Stigmata of the aging face cardiorespiratory dis.

  • Skin: Intrinsic and extrinsic aging.

    Subcutaneous: Descent of facial fat-

    skin layer

    Fat: Gain or loss

    Retaining ll.-

  • Much of this change relates to a

    loss of support from the retaining ll., accompanied by dermal elastosis, and facial lipodystrophy.


Upper face l.jpg
Upper Face cardiorespiratory dis.

  • Drooping of the eyebrows.

  • Hooding of the upper eyelids.

  • Forehead wrinkling.

  • Glabellar frown lines.

  • Prominent lines and laxity

    of the outer canthus ,onto the

    temple area.

  • 40% of face- lifted patients

    have concomitant forehead

    lift (Owsley)


Middle and lower face l.jpg
Middle and Lower face cardiorespiratory dis.

  • Midface: Cutaneous descent superficial to the SMAS.

  • Lower cheek, and neck:

    Downward migration of the

    skin-fat-platysma layer.


Mid face l.jpg
Mid face cardiorespiratory dis.

  • Yousif- Analized changes in facial soft-tissues occuring with age :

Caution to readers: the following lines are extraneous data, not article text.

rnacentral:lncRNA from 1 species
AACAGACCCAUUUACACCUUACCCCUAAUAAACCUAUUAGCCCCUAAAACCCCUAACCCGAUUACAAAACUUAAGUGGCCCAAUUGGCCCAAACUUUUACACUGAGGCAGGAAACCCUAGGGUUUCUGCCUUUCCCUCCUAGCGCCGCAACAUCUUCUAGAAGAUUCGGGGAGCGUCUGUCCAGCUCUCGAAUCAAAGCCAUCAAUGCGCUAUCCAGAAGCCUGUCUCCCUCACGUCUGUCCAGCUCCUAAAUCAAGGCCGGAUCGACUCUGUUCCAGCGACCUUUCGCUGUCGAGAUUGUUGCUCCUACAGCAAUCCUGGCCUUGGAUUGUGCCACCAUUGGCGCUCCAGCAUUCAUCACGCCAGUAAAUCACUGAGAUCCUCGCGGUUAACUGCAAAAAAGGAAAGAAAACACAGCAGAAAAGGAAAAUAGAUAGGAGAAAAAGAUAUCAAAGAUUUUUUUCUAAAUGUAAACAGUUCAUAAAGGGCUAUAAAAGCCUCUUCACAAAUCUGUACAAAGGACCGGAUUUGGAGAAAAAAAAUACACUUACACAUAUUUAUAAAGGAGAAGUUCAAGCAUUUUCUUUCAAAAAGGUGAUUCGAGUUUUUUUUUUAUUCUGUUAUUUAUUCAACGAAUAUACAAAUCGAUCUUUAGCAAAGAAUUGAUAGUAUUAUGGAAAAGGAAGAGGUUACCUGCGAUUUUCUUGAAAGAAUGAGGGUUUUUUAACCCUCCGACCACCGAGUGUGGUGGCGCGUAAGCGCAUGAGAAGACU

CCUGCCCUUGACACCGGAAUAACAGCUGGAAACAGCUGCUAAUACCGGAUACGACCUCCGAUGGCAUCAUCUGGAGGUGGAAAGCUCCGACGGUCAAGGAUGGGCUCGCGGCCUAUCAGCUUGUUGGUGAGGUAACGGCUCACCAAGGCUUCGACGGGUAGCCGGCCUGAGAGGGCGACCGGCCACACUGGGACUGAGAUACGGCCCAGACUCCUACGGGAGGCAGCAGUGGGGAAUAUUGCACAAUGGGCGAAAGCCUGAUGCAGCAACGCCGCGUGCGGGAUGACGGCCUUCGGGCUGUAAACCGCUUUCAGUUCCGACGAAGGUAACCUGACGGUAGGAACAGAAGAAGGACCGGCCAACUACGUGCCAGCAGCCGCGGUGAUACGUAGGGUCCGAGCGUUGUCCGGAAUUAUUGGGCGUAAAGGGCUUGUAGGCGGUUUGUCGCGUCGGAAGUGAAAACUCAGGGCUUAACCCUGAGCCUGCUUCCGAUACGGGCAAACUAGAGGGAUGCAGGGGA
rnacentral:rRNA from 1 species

1994,5- Historical photographs and photogrammetry:





Skull l.jpg
Skull to the parasymphyseal area

  • Bartlett, Grossman and Whitaker,1992:

Analysis of 160 skulls:

Reduction of facial height,

Modest increase in facial width and depth and generalized coarsening of bony prominences.


Vectors of aging l.jpg
Vectors of aging to the parasymphyseal area

  • Alter the position and appearance of key anatomic structures:

  • The vector of aging of the cheek fat and platysma muscle in the lower face is inferomedial

  • The vector of the orbicularis oculi is inferolateral


Criteria for a youthful neck l.jpg
Criteria for a youthful neck to the parasymphyseal area

  • Inferior mandibular border

  • Subhyoid

  • Thyroid cartilage

  • SCM

  • SM-SM angle- 90 degrees.


The neck l.jpg
The Neck to the parasymphyseal area

  • Excess skin.

  • Excess submental fat.

  • Excess supraplatysmal or subplatysmal fat.

  • Platysmal bands.

  • Large submaxillary gland.

  • Micrognatia.


Slide46 l.jpg

  • Padgett and Stevenson, 1948- to the parasymphyseal areaPlatysmal bands:

    • The medial borders of the platysma m. tend to become redundant  Platysmal bands.

  • McKinney, 1995:

    • The bands are not the medial edge of the muscle, but rather lateral pleats caused by laxity of the muscle .

  • Pseudoherniation of the submental fat: “Turkey gobbler” deformity.


ad